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The risk of a government shutdown in Brazil 

President Jair Bolsonaro could face a government shutdown in his first year in office. The problem is the so-called “golden rule,” which stipulates that Brazil may only increase its debt to pay for investments—the money can’t be used for basic expenses, such as wages. Breaking this rule is an impeachable offense.

To avoid it, the government must convince Congress to approve a BRL 248bn increase to its debt ceiling—a demand that was already included in the 2019 budget proposal, drafted by the previous administration. Without that additional money, however, there will be no funding for these so-called basic expenses, which include social security benefits.

For the past 30 years, Brazil’s basic expenses have grown at a faster pace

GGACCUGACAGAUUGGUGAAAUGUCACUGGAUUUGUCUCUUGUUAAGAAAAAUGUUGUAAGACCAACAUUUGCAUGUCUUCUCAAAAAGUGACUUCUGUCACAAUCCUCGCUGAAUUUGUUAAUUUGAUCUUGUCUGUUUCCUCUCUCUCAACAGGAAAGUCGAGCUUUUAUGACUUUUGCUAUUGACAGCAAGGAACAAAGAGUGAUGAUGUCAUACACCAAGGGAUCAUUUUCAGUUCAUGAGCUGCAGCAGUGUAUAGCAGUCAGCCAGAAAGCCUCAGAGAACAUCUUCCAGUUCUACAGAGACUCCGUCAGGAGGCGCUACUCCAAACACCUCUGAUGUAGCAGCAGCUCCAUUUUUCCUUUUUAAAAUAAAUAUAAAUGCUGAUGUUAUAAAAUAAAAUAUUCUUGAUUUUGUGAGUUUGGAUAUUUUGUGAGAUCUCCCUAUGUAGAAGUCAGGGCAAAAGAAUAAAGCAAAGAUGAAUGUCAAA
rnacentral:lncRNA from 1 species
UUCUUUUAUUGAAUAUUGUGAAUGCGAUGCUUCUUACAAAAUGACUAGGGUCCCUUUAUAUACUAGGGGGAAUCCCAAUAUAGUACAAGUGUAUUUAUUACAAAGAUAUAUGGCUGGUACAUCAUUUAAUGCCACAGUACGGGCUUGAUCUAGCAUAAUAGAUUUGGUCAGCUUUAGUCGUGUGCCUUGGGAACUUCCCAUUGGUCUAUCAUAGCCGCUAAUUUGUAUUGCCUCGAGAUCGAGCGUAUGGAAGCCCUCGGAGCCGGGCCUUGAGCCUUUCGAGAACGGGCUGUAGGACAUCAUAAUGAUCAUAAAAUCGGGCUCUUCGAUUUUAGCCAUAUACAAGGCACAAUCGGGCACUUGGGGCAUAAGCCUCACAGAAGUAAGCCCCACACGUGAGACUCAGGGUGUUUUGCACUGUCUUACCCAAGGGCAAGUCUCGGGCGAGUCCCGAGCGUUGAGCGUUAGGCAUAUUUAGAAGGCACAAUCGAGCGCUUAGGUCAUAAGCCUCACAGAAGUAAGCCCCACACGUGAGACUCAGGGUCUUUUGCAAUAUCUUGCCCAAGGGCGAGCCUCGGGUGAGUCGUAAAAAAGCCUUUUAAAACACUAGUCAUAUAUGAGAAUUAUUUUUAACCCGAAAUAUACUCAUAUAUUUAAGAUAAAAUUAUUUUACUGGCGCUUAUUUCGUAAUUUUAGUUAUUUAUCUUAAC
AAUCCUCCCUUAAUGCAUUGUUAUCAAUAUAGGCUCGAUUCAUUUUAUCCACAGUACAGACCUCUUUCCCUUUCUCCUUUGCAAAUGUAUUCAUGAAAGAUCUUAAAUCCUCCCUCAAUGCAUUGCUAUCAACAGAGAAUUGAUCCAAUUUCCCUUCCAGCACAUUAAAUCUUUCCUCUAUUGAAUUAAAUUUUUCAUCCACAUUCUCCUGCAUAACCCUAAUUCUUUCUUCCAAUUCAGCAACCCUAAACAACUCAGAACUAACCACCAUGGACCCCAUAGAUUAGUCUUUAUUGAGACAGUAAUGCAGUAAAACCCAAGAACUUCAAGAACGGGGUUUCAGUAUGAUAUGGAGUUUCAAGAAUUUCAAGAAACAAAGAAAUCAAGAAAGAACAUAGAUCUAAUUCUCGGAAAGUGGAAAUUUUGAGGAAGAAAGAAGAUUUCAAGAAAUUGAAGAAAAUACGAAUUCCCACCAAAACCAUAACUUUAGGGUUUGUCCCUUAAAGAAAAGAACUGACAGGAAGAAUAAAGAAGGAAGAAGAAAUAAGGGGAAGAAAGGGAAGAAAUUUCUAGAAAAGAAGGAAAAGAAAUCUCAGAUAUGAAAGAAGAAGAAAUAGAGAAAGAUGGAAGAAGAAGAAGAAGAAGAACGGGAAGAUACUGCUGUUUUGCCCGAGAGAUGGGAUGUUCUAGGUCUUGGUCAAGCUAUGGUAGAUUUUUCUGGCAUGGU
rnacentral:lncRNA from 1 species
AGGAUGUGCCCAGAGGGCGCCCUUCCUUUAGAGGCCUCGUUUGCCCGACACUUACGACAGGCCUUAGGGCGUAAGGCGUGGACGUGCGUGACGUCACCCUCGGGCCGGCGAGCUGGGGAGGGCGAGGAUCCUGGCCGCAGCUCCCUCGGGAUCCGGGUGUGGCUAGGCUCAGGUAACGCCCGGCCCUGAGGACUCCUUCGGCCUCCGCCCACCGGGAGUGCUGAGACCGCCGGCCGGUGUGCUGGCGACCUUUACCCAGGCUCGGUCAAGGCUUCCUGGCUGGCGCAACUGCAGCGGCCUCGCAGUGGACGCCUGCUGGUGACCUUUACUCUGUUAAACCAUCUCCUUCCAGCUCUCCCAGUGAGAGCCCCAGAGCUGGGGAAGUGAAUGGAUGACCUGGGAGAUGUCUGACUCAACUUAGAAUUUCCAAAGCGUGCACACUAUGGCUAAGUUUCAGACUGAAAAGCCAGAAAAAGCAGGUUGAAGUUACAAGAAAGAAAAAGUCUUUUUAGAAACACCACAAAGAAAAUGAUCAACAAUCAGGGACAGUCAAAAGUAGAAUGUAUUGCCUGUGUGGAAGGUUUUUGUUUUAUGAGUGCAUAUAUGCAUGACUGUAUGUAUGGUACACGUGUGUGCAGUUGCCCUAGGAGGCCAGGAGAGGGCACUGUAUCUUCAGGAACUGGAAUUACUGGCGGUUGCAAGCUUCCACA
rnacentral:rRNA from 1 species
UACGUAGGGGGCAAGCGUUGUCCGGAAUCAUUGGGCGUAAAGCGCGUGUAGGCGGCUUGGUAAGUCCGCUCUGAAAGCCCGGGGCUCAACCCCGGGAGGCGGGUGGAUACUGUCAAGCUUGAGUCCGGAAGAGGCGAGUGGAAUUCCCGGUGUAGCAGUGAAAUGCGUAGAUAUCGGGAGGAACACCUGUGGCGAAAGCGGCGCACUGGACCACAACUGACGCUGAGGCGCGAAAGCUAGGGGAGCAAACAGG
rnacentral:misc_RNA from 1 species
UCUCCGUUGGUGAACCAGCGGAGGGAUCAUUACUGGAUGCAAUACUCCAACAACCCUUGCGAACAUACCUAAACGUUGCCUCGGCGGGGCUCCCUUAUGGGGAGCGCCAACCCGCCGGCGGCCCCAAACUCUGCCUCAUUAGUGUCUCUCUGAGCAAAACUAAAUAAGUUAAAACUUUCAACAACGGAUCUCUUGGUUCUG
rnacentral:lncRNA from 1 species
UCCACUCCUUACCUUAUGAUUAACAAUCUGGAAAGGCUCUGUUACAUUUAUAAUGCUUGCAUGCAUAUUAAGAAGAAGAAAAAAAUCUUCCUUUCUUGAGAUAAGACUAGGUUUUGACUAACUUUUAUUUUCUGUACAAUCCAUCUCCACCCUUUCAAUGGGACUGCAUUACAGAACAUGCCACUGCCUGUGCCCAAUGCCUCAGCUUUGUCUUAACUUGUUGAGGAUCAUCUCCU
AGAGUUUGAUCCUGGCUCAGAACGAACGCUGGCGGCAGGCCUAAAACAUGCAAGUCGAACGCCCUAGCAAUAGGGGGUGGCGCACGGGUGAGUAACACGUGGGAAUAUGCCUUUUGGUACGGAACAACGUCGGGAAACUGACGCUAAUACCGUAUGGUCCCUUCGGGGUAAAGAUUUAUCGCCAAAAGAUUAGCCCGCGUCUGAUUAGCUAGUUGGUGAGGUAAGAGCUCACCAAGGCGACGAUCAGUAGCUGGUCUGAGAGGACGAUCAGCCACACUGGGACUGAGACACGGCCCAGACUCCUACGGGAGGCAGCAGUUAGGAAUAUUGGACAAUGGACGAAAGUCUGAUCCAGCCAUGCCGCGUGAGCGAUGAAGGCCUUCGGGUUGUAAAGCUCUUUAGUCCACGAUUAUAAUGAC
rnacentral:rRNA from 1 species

than the GDP—mainly due to pension spending on a rapidly aging population. Last year, a proposal to eliminate the golden rule was struck down by Congress, which interpreted it as a government attempt to get a free license to spend.</p> <p>Now, the Bolsonaro administration has two ways out: it either gets public banks to pay back transfers from the Central Bank earlier than expected, or it manages to get the debt ceiling raised. Otherwise, we are looking at a partial shutdown in the second half of the year—something which has become more and more likely to happen, as the administration struggles with the pension reform and refuses to negotiate with parties.</p> <ul> <li><strong>Go deeper:</strong> <a href="https://brazilian.report/money/2018/12/29/brazilian-government-money-2020/" target="_blank" rel="noopener noreferrer"><em>Brazilian government could run out of money</em></a></li> </ul> </td> </tr> </tbody> </table> </td> </tr> </tbody> </table> <table class="mcnButtonBlock" border="0" width="100%" cellspacing="0" cellpadding="0"> <tbody class="mcnButtonBlockOuter"> <tr> <td class="mcnButtonBlockInner" align="left" valign="top"> <table class="mcnButtonContentContainer" border="0" cellspacing="0" cellpadding="0"> <tbody> <tr> <td class="mcnButtonContent" align="center" valign="middle"><a class="mcnButton " title="POWER" href="https://us16.admin.mailchimp.com/campaigns/preview-content-html?id=308027" target="_self" rel="noopener noreferrer">POWER</a></td> </tr> </tbody> </table> </td> </tr> </tbody> </table> <table class="mcnTextBlock" border="0" width="100%" cellspacing="0" cellpadding="0"> <tbody class="mcnTextBlockOuter"> <tr> <td class="mcnTextBlockInner" valign="top"> <table class="mcnTextContentContainer" border="0" width="100%" cellspacing="0" cellpadding="0" align="left"> <tbody> <tr> <td class="mcnTextContent" valign="top"> <h2>The president&#8217;s interview <a id="2" name="2"></a></h2> <p>Yesterday evening, television station SBT broadcasted an interview with President Bolsonaro. The station, known for its fondness of sitting government, regardless of ideology, didn&#8217;t throw Mr. Bolsonaro any curve balls. As a matter of fact, presenter Silvio Santos (who owns SBT) proactively defended the government&#8217;s pension reform bill, &#8220;without which inflation will be back,&#8221; he said.</p> <p>Mr. Bolsonaro said his reform bill will &#8220;help the poor&#8221; and that &#8220;it is the opposite of what left-wing politicians have been saying about it.&#8221; The president also used the platform to pander to Congress, complimenting House Speaker Rodrigo Maia and Senate President Davi Alcolumbre—whom he called a &#8220;personal friend.&#8221;</p> <p>But the interview wasn&#8217;t all business. The president talked about his star sign, his marriages, his wife and children. And Mr. Bolsonaro also suggested to the millions of viewers that he doesn&#8217;t need medication against sexual impotence.</p> <ul> <li><strong>Go deeper: </strong><a href="https://brazilian.report/power/2019/04/09/cnn-brasil-bolsonaro-fox-news/" target="_blank" rel="noopener noreferrer"><em>Could CNN Brasil become Jair Bolsonaro’s Fox News?</em></a></li> </ul> </td> </tr> </tbody> </table> </td> </tr> </tbody> </table> <table class="mcnButtonBlock" border="0" width="100%" cellspacing="0" cellpadding="0"> <tbody class="mcnButtonBlockOuter"> <tr> <td class="mcnButtonBlockInner" align="left" valign="top"> <table class="mcnButtonContentContainer" border="0" cellspacing="0" cellpadding="0"> <tbody> <tr> <td class="mcnButtonContent" align="center" valign="middle"><a class="mcnButton " title="MONEY" href="https://us16.admin.mailchimp.com/campaigns/preview-content-html?id=308027" target="_self" rel="noopener noreferrer">MONEY</a></td> </tr> </tbody> </table> </td> </tr> </tbody> </table> <table class="mcnTextBlock" border="0" width="100%" cellspacing="0" cellpadding="0"> <tbody class="mcnTextBlockOuter"> <tr> <td class="mcnTextBlockInner" valign="top"> <table class="mcnTextContentContainer" border="0" width="100%" cellspacing="0" cellpadding="0" align="left"> <tbody> <tr> <td class="mcnTextContent" valign="top"> <h2>Rising tensions between U.S., China to affect Brazil <a id="3" name="3"></a></h2> <p>Yesterday, U.S. President Donald Trump said on Twitter he will raise tariffs on USD 200bn of Chinese goods, as talks on a trade deal with the Asian country are moving &#8220;too slowly.&#8221; Asian stock markets opened on a heavy down (-5.58% in Shanghai), which contaminated markets across the globe (S&amp;P 500 futures are down 1.74%). In Brazil, that is a recipe for an ugly day. The USD could begin the trading session around the BRL 4 mark.</p> <p>(Truth be told, external problems are not the only factors—the troubled local political scene is also to blame.)</p> <p>If there is anyone in Brazil who could gain from the turmoil, it will be commodity exporters. A report by the National Confederation of Industry (CNI) shows the country raised exports to China by USD 8.1bn in 2018, as American goods became more expensive due to the trade war between the two major global powers. Overall exports to China amounted to USD 64.2bn, a 35% jump from the year before.</p> <p>Soybean exporters earned USD 7bn more in 2018, while beef sales experienced a USD 600m bump. Producers of corn, cotton, orange juice, and some auto parts also benefited from the trade war. However, CNI had projected a 77% increase in exports to China, which proved to be overly optimistic.</td> </tr> </tbody> </table> </td> </tr> </tbody> </table> <table class="mcnImageBlock" border="0" width="100%" cellspacing="0" cellpadding="0"> <tbody class="mcnImageBlockOuter"> <tr> <td class="mcnImageBlockInner" valign="top"> <table class="mcnImageContentContainer" border="0" width="100%" cellspacing="0" cellpadding="0" align="left"> <tbody> <tr> <td class="mcnImageContent" valign="top"><a class="" title="" href="https://brazilian.report/podcast-brazil/2019/04/24/brazil-deal-china-relations/" target="_blank" rel="noopener noreferrer"><img class="mcnImage" src="https://gallery.mailchimp.com/6ffdbe3b440df0fd3e02996af/images/75bd3d7d-c0cd-4d4a-ac0e-7785d5fe43b7.png" alt="" width="564" align="center" /></a></td> </tr> </tbody> </table> </td> </tr> </tbody> </table> <table class="mcnButtonBlock" border="0" width="100%" cellspacing="0" cellpadding="0"> <tbody class="mcnButtonBlockOuter"> <tr> <td class="mcnButtonBlockInner" align="left" valign="top"> <table class="mcnButtonContentContainer" border="0" cellspacing="0" cellpadding="0"> <tbody> <tr> <td class="mcnButtonContent" align="center" valign="middle"><a class="mcnButton " title="NOTEWORTHY" href="https://us16.admin.mailchimp.com/campaigns/preview-content-html?id=308027" target="_self" rel="noopener noreferrer">NOTEWORTHY</a></td> </tr> </tbody> </table> </td> </tr> </tbody> </table> <table class="mcnTextBlock" border="0" width="100%" cellspacing="0" cellpadding="0"> <tbody class="mcnTextBlockOuter"> <tr> <td class="mcnTextBlockInner" valign="top"> <table class="mcnTextContentContainer" border="0" width="100%" cellspacing="0" cellpadding="0" align="left"> <tbody> <tr> <td class="mcnTextContent" valign="top"> <ul> <li><strong>Energy.</strong> Despite Brazil&#8217;s sluggish economy and high operational costs, the country was the 6th-biggest destination of renewable energy projects in 2018. Acquisitions in the sector amounted to USD 6.6bn, according to consultancy GrantThornton. That&#8217;s 2.6% of the USD 253bn invested worldwide last year. As investors consider Brazil a high-risk destination for investments, they usually want bigger returns—of at least 10%. <a id="nw" name="nw"></a></li> <li><strong>May blues.</strong><strong> </strong>Over the past few years, May has been a dreadful month for Brazil&#8217;s stock market. The last positive month of May happened in 2009. Last year, the May slump was due to the truckers&#8217; strike. In 2017, a recording of then-President Michel Temer negotiating a bribe nearly overthrew the government. The year before, it was Dilma Rousseff&#8217;s impeachment. And in 2019? It could be the pension reform, if the government fails to protect the core of its proposal.</li> <li><strong>Tourism.</strong><strong> </strong>The Serra Gaúcha, Brazil&#8217;s wine country in Rio Grande do Sul, could receive BRL 200m from the National Civil Aviation Fund for a regional airport in one of the country&#8217;s top touristic destinations. Studies began in 2014, after the expansion of the local airport of Caxias was declared inviable.</li> <li><strong>Border.</strong><strong> </strong>Justice Minister Sergio Moro is set to propose—with the support of the government&#8217;s military wing—a BRL 53m project to buy equipment to monitor Brazil&#8217;s border in 8 states. The government also wants to integrate authorities operating at the border, such as the Federal Police, customs agents, road patrols, and even diplomatic services. Mr. Moro has said, time and time again, that cracking down money laundering networks is the best way to counter drug trafficking gangs in the country</li> <li><strong>Corruption.</strong><strong> </strong>Mario Rodrigues Jr., president of the National Land Transport Agency (ANTT), is under federal investigation. He is suspected of pocketing bribes from a contractor of Valec—a state-owned company which administers railways. He faces charges of corruption, money laundering, and embezzlement.